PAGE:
Clement Charles Julian Webb

Nolloth Professor of the Philosophy of the Christian Religion, Oxford

(1) God and Personality (2) Divine Personality and Human Life

In his first series of lectures, Webb establishes personality as distinct from individuality, placing it within a broader conception of God. For historical and philosophical reasons, Webb argues that personality must be studied first as it relates to God followed by how it relates to humankind. In his second series of lectures, Webb continues the conversation with the idea of a ‘personal God’ with whom worshippers can enjoy a relationship and the various aspects of human personality this connection reveals.


Clement Charles Julian Webb was born on 25 June 1865 in London. An English theologian and philosopher, he was known as a ‘personal idealist’. Elected to a fellowship at Magdalen College, Oxford in 1889, he also took on several administrative roles including Senior Dean, Vice President, and Proctor, and served on the Hebdomadal Council and the General Board of Faculties. Webb was elected Nolloth Professor of the Philosophy of the Christian Religion at Oxford in 1920, retiring ten years later as Honorary Fellow.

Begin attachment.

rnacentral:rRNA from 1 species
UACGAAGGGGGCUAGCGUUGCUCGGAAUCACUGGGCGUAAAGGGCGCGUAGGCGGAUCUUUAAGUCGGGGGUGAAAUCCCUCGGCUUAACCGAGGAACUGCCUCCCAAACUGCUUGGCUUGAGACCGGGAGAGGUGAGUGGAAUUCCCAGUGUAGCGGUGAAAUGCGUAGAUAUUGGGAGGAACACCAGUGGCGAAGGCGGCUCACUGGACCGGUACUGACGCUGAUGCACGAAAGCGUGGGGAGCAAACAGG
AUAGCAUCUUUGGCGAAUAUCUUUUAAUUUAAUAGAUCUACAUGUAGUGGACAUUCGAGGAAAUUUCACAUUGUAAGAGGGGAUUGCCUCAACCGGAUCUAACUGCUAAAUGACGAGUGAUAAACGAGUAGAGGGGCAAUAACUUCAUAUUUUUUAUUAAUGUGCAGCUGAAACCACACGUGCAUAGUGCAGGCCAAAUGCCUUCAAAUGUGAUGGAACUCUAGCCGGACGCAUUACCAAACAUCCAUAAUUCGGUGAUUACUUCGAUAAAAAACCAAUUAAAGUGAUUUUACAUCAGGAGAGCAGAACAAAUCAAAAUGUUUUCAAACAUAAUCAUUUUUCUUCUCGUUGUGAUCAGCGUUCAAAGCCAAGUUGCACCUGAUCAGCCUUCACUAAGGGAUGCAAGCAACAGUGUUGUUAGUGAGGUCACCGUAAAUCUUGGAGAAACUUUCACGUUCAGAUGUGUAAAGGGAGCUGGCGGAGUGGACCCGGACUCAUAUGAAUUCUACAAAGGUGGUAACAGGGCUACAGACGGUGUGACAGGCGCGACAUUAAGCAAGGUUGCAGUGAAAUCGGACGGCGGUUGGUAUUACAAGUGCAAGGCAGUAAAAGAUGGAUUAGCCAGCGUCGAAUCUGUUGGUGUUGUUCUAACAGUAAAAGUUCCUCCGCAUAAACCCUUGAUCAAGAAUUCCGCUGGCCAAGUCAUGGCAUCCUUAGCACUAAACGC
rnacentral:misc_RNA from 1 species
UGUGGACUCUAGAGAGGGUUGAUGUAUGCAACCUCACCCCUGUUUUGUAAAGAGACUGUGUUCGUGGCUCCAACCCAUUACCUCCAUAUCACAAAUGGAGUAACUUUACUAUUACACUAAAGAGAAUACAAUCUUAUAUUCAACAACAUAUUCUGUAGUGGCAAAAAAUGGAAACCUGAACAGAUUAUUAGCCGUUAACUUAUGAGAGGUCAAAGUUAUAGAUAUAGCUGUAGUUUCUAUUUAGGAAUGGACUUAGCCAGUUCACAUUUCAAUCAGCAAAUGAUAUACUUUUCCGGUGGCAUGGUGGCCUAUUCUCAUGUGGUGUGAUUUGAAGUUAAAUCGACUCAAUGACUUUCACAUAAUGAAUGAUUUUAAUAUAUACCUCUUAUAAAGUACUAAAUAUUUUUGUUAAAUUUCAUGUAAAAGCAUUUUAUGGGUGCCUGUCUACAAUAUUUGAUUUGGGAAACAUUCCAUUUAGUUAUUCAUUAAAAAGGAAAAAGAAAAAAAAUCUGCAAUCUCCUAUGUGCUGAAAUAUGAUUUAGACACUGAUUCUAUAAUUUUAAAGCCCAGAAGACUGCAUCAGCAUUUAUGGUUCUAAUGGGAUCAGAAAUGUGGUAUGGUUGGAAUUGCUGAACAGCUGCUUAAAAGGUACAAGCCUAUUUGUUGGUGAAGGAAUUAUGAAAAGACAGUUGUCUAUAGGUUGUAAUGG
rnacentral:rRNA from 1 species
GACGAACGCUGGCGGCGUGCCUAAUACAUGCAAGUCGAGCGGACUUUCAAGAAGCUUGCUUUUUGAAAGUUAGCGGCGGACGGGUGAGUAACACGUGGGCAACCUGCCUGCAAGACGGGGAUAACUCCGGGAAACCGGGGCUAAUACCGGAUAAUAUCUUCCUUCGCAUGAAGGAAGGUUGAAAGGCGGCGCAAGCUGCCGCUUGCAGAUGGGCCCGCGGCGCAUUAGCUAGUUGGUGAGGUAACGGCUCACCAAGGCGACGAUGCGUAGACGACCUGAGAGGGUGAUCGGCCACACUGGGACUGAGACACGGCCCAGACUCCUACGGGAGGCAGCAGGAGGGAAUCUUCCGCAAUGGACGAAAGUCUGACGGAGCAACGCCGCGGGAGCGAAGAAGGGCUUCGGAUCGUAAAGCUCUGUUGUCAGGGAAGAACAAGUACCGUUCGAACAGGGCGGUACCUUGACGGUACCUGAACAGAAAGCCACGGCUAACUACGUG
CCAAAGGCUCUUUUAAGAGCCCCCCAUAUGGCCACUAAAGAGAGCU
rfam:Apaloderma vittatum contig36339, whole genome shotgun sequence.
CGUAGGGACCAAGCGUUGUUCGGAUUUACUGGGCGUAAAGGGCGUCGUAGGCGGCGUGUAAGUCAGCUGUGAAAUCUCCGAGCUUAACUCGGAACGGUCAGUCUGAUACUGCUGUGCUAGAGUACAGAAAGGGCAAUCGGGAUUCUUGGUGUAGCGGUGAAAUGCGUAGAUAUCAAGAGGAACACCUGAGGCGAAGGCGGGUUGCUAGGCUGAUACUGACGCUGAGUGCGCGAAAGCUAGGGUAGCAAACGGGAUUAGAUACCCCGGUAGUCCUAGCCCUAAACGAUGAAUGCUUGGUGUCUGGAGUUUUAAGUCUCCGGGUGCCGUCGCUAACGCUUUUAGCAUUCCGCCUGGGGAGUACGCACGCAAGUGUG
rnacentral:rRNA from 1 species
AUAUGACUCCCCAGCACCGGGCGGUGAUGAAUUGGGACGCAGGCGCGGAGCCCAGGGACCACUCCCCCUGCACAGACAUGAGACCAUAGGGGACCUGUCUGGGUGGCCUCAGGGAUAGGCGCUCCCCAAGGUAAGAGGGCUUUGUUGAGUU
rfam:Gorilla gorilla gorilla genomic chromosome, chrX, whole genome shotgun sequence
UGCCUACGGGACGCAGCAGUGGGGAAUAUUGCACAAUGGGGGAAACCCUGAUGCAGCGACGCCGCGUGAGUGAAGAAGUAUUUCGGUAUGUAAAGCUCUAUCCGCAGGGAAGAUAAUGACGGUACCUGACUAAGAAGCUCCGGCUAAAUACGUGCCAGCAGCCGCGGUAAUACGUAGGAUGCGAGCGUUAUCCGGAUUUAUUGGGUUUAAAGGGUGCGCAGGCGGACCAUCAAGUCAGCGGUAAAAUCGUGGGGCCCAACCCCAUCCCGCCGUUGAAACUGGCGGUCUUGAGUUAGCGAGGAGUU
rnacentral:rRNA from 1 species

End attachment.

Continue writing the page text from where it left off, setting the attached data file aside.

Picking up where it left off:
Bestowed honorary degrees from St Andrews, Oxford, and Glasgow, he was made Fellow of the British Academy in 1927. Webb was highly regarded among his contemporaries on account on his character and skill as an academic. Notable works include Problems in the Relations of God and Man (1911), Studies in the History of Natural Theology (1915), The Contribution of Christianity to Ethics (1932), Religious Thought in England from 1850 (1933), Religion and Theism (1933), The Historical Element in Religion (1935), and Religious Experience (1945). He also produced several critical editions on works by John of Salisbury. 

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